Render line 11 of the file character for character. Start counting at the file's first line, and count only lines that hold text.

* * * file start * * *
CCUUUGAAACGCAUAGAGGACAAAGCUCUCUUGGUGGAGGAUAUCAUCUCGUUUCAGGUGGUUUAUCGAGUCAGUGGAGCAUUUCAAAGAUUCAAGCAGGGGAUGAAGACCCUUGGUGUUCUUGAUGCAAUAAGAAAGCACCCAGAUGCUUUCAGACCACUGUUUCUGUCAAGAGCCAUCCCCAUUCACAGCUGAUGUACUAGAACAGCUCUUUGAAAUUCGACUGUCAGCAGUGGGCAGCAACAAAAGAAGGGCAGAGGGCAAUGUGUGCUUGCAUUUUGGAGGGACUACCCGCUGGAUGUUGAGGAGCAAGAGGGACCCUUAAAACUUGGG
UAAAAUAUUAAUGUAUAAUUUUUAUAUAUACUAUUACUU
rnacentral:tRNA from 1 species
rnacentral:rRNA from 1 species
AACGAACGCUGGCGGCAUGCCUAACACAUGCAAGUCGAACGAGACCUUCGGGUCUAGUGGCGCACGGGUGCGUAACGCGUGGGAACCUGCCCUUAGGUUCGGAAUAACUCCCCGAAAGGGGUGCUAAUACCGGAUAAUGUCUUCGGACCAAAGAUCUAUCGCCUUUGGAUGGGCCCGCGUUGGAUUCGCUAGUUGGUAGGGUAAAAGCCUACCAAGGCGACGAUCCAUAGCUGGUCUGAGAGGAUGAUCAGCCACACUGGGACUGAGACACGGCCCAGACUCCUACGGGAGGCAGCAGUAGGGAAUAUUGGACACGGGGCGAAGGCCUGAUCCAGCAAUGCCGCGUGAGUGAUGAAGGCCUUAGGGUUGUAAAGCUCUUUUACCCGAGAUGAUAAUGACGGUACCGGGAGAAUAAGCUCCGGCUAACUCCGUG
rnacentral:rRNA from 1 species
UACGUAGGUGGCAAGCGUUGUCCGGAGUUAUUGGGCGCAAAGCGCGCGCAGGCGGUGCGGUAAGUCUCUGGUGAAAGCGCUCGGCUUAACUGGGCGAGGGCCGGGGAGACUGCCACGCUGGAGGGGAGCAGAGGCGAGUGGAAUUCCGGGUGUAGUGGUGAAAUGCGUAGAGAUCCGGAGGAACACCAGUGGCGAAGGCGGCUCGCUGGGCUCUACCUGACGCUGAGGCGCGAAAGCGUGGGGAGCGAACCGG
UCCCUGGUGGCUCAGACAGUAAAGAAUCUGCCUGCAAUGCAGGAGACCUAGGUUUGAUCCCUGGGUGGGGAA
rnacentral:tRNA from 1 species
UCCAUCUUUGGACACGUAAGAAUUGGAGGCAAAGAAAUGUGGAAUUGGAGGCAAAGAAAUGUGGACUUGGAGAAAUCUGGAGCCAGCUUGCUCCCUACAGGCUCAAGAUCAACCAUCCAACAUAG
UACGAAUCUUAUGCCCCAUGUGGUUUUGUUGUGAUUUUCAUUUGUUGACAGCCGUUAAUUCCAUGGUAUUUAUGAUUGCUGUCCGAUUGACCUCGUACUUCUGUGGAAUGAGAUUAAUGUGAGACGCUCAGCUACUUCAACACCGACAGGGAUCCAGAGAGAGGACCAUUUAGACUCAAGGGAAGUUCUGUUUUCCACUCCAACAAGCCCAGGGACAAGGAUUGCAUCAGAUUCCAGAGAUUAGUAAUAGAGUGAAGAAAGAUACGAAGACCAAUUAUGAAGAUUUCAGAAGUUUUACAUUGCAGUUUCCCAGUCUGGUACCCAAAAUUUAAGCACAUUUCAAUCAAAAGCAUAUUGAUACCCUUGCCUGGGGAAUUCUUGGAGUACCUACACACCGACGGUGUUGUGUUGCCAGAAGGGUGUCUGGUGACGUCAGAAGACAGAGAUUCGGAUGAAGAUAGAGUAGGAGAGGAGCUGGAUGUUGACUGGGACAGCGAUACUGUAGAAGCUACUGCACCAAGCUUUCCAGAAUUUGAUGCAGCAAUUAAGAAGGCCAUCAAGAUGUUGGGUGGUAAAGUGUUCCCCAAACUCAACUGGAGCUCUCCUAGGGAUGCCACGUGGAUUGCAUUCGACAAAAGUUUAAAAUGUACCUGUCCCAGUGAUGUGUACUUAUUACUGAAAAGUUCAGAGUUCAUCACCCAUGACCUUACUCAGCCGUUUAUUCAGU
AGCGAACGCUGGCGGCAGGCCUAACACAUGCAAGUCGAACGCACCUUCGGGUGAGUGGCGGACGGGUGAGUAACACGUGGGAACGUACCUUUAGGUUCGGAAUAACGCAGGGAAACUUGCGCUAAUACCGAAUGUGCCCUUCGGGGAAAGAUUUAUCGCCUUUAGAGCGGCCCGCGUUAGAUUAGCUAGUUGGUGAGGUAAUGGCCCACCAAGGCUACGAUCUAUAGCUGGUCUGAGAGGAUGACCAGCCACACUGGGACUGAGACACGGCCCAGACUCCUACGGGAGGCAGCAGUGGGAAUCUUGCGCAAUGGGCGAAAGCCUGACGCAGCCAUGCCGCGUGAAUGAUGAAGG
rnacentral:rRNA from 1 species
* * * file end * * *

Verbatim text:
UACGAAUCUUAUGCCCCAUGUGGUUUUGUUGUGAUUUUCAUUUGUUGACAGCCGUUAAUUCCAUGGUAUUUAUGAUUGCUGUCCGAUUGACCUCGUACUUCUGUGGAAUGAGAUUAAUGUGAGACGCUCAGCUACUUCAACACCGACAGGGAUCCAGAGAGAGGACCAUUUAGACUCAAGGGAAGUUCUGUUUUCCACUCCAACAAGCCCAGGGACAAGGAUUGCAUCAGAUUCCAGAGAUUAGUAAUAGAGUGAAGAAAGAUACGAAGACCAAUUAUGAAGAUUUCAGAAGUUUUACAUUGCAGUUUCCCAGUCUGGUACCCAAAAUUUAAGCACAUUUCAAUCAAAAGCAUAUUGAUACCCUUGCCUGGGGAAUUCUUGGAGUACCUACACACCGACGGUGUUGUGUUGCCAGAAGGGUGUCUGGUGACGUCAGAAGACAGAGAUUCGGAUGAAGAUAGAGUAGGAGAGGAGCUGGAUGUUGACUGGGACAGCGAUACUGUAGAAGCUACUGCACCAAGCUUUCCAGAAUUUGAUGCAGCAAUUAAGAAGGCCAUCAAGAUGUUGGGUGGUAAAGUGUUCCCCAAACUCAACUGGAGCUCUCCUAGGGAUGCCACGUGGAUUGCAUUCGACAAAAGUUUAAAAUGUACCUGUCCCAGUGAUGUGUACUUAUUACUGAAAAGUUCAGAGUUCAUCACCCAUGACCUUACUCAGCCGUUUAUUCAGU